WHILE ventricular fibrillation in the nonhibernating animal limits safe hypothermia below 20 C, its cause at this critical temperature range is now known.1-3 Of the many factors which seem to contribute to ventricular fibrillation at low body temperatures, little emphasis has been placed on the activity of the central nervous system. The relationship of anesthesia to cardiac abnormalities under hypothermia has been stressed, and of the barbiturate group, thiopental sodium has been less frequently associated with ventricular fibrillation than sodium pentobarbital.4 In hypothermia, the ventricular refractory period is prolonged and the recovery rate of diastolic excitability, as well as the response latency of the ventricles, are greatly increased; such changes might be important in initiating ventricular fibrillation.5 From results of dog heart-lung studies6 and oxygen-extraction studies, hypoxia does not seem to be a major cause of ventricular fibrillation. Penrod7 has shown that the arteriovenous oxygen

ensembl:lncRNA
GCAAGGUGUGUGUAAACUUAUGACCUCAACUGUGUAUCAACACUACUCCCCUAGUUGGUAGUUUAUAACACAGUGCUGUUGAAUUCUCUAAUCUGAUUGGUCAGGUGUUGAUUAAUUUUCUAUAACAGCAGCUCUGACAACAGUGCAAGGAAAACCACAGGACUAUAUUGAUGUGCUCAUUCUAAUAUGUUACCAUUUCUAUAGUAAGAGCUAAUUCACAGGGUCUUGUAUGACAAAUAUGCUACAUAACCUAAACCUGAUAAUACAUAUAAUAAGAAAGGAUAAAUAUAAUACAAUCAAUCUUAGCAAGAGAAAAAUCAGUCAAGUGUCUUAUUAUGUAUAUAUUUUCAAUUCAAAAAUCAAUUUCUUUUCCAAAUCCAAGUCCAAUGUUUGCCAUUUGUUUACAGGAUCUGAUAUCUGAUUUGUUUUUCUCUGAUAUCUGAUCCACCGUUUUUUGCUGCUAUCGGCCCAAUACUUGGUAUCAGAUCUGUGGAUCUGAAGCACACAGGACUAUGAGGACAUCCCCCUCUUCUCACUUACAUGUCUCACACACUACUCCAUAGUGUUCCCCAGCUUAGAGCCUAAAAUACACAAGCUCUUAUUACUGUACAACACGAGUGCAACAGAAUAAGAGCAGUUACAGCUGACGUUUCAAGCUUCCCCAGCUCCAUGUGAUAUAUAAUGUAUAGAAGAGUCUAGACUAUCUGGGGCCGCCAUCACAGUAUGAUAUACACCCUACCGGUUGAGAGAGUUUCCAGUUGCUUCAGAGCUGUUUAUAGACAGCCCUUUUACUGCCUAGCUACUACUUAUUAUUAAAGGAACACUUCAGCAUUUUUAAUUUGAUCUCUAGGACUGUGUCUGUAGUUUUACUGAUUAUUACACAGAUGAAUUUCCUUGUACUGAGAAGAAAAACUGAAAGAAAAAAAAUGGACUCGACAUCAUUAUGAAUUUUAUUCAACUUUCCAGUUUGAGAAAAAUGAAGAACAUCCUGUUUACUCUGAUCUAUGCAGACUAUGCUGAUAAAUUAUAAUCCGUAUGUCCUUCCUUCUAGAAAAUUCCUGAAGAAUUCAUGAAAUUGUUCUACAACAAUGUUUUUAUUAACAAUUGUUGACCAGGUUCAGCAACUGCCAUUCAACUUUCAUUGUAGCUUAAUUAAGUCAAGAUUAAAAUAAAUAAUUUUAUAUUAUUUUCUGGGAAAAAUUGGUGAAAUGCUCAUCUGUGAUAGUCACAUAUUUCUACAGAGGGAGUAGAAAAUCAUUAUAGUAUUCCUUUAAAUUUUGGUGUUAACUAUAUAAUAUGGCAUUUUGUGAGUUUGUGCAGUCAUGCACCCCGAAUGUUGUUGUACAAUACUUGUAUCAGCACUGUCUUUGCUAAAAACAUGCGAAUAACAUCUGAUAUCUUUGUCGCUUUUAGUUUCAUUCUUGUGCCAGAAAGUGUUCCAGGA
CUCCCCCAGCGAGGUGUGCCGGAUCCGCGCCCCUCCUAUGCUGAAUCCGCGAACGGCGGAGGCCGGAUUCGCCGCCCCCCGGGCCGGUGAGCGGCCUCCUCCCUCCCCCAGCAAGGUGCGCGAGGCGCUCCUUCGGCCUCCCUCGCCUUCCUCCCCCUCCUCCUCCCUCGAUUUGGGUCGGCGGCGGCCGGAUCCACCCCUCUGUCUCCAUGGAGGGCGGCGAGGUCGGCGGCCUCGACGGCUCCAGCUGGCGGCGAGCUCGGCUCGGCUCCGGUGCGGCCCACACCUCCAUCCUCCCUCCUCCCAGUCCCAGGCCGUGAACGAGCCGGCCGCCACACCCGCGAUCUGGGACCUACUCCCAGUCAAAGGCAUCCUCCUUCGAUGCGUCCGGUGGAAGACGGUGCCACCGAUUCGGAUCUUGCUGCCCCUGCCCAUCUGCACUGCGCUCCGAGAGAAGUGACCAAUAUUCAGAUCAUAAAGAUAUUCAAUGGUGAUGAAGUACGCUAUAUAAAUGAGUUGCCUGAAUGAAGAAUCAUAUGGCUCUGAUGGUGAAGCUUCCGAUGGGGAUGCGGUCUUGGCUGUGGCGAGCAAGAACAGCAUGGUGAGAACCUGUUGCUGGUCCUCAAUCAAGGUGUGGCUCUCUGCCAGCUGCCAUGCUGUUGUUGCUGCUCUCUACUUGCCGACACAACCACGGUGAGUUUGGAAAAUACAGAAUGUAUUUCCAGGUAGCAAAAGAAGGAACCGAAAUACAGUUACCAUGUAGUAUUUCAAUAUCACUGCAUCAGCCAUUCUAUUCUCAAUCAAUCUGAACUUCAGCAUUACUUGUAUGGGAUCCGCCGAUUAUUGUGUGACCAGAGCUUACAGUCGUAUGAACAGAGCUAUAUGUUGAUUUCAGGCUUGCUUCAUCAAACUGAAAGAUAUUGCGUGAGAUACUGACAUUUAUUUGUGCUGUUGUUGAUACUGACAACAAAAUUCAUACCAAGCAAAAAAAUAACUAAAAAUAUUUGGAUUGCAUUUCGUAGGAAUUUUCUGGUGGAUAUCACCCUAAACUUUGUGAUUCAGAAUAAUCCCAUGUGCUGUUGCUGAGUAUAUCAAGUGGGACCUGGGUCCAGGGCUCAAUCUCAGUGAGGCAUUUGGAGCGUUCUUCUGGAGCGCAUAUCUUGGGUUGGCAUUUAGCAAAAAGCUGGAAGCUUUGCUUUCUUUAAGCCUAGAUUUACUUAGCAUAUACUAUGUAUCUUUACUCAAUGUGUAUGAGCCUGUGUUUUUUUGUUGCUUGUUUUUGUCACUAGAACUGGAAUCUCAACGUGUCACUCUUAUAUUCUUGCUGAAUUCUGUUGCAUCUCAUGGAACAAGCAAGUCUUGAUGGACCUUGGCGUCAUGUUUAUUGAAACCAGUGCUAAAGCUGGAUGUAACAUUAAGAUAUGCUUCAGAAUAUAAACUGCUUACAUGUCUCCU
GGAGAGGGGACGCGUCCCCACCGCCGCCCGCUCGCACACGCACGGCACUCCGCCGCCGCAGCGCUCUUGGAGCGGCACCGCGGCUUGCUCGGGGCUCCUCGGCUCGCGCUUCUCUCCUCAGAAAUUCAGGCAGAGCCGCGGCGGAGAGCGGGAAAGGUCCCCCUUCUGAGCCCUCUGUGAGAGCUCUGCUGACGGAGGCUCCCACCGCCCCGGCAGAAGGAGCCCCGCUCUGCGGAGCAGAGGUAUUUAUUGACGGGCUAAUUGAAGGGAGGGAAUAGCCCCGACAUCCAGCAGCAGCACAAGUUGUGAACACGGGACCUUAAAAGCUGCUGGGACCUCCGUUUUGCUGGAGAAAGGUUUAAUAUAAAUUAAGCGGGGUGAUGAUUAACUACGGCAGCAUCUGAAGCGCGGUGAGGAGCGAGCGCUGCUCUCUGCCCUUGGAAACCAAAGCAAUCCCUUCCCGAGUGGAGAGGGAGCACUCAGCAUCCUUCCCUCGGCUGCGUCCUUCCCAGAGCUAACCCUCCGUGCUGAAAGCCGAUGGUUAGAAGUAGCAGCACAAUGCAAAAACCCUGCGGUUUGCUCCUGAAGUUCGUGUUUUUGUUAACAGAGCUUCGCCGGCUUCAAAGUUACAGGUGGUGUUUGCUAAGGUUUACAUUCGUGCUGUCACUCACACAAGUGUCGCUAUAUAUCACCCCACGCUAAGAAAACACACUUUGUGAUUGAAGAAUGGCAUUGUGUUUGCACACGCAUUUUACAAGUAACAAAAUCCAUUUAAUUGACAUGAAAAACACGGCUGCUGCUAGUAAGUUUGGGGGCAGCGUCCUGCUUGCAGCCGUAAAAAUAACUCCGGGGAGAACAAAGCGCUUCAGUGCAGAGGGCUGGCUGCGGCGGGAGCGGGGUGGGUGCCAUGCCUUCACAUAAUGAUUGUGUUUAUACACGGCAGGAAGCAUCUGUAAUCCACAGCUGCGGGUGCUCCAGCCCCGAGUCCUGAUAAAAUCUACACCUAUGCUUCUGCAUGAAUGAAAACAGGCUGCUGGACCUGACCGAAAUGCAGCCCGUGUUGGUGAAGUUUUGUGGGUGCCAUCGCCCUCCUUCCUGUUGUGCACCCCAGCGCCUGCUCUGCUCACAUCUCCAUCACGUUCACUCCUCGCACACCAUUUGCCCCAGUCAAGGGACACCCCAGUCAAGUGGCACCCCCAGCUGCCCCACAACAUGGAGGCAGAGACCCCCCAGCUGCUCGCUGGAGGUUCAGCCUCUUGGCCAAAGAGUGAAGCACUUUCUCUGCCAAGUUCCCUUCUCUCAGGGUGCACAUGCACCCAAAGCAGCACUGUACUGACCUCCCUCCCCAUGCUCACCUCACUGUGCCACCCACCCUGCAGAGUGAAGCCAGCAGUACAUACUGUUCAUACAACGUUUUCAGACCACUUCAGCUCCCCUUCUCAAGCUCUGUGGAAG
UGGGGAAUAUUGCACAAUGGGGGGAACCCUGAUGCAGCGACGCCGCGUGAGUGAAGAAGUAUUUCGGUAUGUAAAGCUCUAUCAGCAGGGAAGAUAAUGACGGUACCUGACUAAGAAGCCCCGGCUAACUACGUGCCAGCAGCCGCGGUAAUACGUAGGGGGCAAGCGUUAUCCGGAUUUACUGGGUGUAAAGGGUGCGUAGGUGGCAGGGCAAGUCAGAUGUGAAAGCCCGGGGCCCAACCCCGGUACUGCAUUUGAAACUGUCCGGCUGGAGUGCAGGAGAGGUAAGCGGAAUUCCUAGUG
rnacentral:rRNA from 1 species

Battista AF. Phrenic and Cardiac Irregularities in the Hypothermic Cat. Arch Surg. 1967;95(1):30–37. doi:10.1001/archsurg.1967.01330130032007
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